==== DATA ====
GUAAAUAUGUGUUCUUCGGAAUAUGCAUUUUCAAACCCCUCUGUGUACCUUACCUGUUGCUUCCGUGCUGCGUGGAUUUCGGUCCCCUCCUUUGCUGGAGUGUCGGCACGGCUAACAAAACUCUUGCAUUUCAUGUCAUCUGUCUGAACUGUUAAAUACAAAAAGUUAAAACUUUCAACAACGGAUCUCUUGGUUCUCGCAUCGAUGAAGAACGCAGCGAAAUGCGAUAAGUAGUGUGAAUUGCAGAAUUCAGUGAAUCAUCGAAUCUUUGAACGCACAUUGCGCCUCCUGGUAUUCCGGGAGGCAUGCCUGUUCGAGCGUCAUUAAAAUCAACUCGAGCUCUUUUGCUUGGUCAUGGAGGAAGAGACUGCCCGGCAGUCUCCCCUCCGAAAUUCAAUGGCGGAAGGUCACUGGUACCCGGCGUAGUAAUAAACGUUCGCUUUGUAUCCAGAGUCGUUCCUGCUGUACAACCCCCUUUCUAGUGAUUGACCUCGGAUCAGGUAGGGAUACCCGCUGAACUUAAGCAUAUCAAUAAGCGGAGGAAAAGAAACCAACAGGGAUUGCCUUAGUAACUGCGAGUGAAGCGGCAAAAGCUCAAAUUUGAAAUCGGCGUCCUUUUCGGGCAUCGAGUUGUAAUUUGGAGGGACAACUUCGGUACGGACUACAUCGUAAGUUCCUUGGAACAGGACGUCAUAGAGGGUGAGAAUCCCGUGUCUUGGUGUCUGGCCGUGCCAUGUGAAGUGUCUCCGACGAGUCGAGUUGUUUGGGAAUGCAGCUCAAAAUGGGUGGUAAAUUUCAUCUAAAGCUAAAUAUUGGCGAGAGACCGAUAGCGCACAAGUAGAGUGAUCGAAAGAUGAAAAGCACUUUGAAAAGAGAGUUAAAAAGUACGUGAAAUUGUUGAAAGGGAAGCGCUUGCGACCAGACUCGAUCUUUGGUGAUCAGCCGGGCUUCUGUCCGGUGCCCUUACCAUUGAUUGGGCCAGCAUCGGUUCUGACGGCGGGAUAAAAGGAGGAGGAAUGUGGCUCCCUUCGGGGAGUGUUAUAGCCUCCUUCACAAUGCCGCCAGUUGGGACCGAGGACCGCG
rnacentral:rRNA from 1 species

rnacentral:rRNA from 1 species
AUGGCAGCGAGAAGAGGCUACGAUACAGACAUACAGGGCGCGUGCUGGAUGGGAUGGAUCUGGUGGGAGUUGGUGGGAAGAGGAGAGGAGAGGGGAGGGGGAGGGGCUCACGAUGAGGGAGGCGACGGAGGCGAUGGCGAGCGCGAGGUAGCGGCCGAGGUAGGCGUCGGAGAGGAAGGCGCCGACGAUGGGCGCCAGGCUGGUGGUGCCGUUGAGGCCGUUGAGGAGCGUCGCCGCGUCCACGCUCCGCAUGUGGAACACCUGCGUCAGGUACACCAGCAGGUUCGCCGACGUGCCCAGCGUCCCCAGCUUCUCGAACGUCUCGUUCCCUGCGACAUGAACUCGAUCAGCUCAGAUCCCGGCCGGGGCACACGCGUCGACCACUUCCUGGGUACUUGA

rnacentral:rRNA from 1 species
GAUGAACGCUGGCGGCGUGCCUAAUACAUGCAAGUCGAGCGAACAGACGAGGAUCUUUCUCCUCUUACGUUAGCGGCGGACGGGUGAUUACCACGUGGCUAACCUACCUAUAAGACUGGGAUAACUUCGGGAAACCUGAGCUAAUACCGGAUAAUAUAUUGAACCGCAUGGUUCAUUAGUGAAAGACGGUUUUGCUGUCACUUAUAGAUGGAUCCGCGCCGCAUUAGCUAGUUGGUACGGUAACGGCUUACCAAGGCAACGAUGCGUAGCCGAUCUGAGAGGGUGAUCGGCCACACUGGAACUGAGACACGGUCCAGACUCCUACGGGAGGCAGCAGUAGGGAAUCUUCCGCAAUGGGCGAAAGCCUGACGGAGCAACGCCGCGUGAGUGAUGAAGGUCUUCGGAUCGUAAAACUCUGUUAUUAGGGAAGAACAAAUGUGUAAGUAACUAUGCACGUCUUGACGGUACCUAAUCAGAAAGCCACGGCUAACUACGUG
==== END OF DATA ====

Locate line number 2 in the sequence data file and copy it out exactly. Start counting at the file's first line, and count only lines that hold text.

rnacentral:rRNA from 1 species